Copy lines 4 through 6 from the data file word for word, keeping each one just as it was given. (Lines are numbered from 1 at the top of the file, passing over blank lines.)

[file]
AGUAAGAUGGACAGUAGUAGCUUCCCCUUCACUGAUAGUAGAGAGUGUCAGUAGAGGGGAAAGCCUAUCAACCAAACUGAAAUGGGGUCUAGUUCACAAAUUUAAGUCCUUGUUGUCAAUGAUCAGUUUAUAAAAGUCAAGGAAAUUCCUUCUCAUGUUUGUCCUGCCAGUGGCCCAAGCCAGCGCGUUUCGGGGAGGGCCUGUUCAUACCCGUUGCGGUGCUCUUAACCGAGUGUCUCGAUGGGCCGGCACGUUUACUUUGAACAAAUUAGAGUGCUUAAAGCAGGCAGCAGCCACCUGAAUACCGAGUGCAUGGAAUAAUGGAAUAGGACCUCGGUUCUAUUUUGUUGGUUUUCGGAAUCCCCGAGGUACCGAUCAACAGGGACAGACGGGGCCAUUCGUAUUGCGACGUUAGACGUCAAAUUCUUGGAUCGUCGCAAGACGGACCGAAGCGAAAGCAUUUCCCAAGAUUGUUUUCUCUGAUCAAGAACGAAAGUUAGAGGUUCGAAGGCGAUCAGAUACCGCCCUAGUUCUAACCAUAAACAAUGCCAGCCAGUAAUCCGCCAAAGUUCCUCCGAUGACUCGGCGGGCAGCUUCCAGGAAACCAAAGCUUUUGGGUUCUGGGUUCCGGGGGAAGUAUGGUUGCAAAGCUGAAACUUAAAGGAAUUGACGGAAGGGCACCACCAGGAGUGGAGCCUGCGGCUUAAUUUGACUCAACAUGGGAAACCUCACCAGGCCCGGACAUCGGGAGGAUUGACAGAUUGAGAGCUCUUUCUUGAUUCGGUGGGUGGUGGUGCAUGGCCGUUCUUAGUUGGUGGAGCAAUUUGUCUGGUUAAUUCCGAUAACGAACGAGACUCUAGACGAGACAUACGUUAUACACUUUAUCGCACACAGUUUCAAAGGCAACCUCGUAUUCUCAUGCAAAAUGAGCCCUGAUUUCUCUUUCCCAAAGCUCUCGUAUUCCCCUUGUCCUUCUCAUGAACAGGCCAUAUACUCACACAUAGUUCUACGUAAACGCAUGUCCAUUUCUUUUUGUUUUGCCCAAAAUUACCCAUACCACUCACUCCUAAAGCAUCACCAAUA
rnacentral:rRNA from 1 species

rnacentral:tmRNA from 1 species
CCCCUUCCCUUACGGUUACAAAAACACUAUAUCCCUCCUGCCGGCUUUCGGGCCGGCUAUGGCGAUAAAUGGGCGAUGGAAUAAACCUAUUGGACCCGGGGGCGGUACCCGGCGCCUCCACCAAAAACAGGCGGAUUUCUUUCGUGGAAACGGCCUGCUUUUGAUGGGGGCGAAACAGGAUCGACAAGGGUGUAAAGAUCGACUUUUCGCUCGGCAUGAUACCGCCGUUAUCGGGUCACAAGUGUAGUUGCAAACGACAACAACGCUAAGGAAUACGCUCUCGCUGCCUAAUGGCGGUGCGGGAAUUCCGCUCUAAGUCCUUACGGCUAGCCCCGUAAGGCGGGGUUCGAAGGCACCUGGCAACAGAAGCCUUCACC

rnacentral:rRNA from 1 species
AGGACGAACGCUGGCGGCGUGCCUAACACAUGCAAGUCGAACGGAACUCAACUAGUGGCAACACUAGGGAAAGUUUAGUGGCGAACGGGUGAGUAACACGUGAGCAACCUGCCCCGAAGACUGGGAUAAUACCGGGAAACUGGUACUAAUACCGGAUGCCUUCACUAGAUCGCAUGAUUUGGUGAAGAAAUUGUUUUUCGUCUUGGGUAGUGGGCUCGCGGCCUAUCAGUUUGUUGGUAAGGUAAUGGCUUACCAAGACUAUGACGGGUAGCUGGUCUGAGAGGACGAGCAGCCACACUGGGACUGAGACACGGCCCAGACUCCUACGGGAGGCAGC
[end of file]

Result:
CCCCUUCCCUUACGGUUACAAAAACACUAUAUCCCUCCUGCCGGCUUUCGGGCCGGCUAUGGCGAUAAAUGGGCGAUGGAAUAAACCUAUUGGACCCGGGGGCGGUACCCGGCGCCUCCACCAAAAACAGGCGGAUUUCUUUCGUGGAAACGGCCUGCUUUUGAUGGGGGCGAAACAGGAUCGACAAGGGUGUAAAGAUCGACUUUUCGCUCGGCAUGAUACCGCCGUUAUCGGGUCACAAGUGUAGUUGCAAACGACAACAACGCUAAGGAAUACGCUCUCGCUGCCUAAUGGCGGUGCGGGAAUUCCGCUCUAAGUCCUUACGGCUAGCCCCGUAAGGCGGGGUUCGAAGGCACCUGGCAACAGAAGCCUUCACC

rnacentral:rRNA from 1 species
AGGACGAACGCUGGCGGCGUGCCUAACACAUGCAAGUCGAACGGAACUCAACUAGUGGCAACACUAGGGAAAGUUUAGUGGCGAACGGGUGAGUAACACGUGAGCAACCUGCCCCGAAGACUGGGAUAAUACCGGGAAACUGGUACUAAUACCGGAUGCCUUCACUAGAUCGCAUGAUUUGGUGAAGAAAUUGUUUUUCGUCUUGGGUAGUGGGCUCGCGGCCUAUCAGUUUGUUGGUAAGGUAAUGGCUUACCAAGACUAUGACGGGUAGCUGGUCUGAGAGGACGAGCAGCCACACUGGGACUGAGACACGGCCCAGACUCCUACGGGAGGCAGC